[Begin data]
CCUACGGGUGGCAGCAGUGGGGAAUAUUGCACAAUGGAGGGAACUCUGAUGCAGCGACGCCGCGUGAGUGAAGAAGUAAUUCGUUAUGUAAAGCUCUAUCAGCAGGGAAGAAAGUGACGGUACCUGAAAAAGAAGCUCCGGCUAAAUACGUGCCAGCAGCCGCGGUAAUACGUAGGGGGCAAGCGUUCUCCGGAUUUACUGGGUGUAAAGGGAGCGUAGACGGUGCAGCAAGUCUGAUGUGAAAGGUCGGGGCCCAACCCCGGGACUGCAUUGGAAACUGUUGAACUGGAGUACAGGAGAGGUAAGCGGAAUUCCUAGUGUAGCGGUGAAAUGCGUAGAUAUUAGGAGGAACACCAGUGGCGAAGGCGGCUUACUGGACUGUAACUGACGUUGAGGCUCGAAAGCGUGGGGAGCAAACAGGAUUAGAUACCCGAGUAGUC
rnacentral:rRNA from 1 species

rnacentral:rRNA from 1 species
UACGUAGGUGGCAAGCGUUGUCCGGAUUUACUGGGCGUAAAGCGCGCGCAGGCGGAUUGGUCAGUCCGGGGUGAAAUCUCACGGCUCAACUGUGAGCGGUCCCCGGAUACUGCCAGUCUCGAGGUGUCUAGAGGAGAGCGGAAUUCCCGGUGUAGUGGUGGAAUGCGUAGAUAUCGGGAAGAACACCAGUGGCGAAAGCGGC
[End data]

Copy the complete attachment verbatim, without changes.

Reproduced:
CCUACGGGUGGCAGCAGUGGGGAAUAUUGCACAAUGGAGGGAACUCUGAUGCAGCGACGCCGCGUGAGUGAAGAAGUAAUUCGUUAUGUAAAGCUCUAUCAGCAGGGAAGAAAGUGACGGUACCUGAAAAAGAAGCUCCGGCUAAAUACGUGCCAGCAGCCGCGGUAAUACGUAGGGGGCAAGCGUUCUCCGGAUUUACUGGGUGUAAAGGGAGCGUAGACGGUGCAGCAAGUCUGAUGUGAAAGGUCGGGGCCCAACCCCGGGACUGCAUUGGAAACUGUUGAACUGGAGUACAGGAGAGGUAAGCGGAAUUCCUAGUGUAGCGGUGAAAUGCGUAGAUAUUAGGAGGAACACCAGUGGCGAAGGCGGCUUACUGGACUGUAACUGACGUUGAGGCUCGAAAGCGUGGGGAGCAAACAGGAUUAGAUACCCGAGUAGUC
rnacentral:rRNA from 1 species

rnacentral:rRNA from 1 species
UACGUAGGUGGCAAGCGUUGUCCGGAUUUACUGGGCGUAAAGCGCGCGCAGGCGGAUUGGUCAGUCCGGGGUGAAAUCUCACGGCUCAACUGUGAGCGGUCCCCGGAUACUGCCAGUCUCGAGGUGUCUAGAGGAGAGCGGAAUUCCCGGUGUAGUGGUGGAAUGCGUAGAUAUCGGGAAGAACACCAGUGGCGAAAGCGGC